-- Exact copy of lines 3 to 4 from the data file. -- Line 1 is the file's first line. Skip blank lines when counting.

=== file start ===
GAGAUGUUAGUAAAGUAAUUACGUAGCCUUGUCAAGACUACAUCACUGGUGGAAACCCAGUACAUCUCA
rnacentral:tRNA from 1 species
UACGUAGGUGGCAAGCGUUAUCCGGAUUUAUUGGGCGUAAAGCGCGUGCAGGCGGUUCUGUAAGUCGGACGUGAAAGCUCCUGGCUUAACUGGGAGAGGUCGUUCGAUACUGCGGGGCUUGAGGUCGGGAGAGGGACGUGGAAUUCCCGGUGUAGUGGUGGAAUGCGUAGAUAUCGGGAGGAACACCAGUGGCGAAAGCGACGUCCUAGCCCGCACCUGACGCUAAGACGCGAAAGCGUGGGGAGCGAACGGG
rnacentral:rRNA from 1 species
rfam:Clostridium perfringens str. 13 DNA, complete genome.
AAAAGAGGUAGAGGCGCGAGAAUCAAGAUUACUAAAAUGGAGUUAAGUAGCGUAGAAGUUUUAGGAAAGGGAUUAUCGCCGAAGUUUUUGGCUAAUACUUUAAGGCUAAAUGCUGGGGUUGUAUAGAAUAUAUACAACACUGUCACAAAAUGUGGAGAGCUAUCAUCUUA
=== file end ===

UACGUAGGUGGCAAGCGUUAUCCGGAUUUAUUGGGCGUAAAGCGCGUGCAGGCGGUUCUGUAAGUCGGACGUGAAAGCUCCUGGCUUAACUGGGAGAGGUCGUUCGAUACUGCGGGGCUUGAGGUCGGGAGAGGGACGUGGAAUUCCCGGUGUAGUGGUGGAAUGCGUAGAUAUCGGGAGGAACACCAGUGGCGAAAGCGACGUCCUAGCCCGCACCUGACGCUAAGACGCGAAAGCGUGGGGAGCGAACGGG
rnacentral:rRNA from 1 species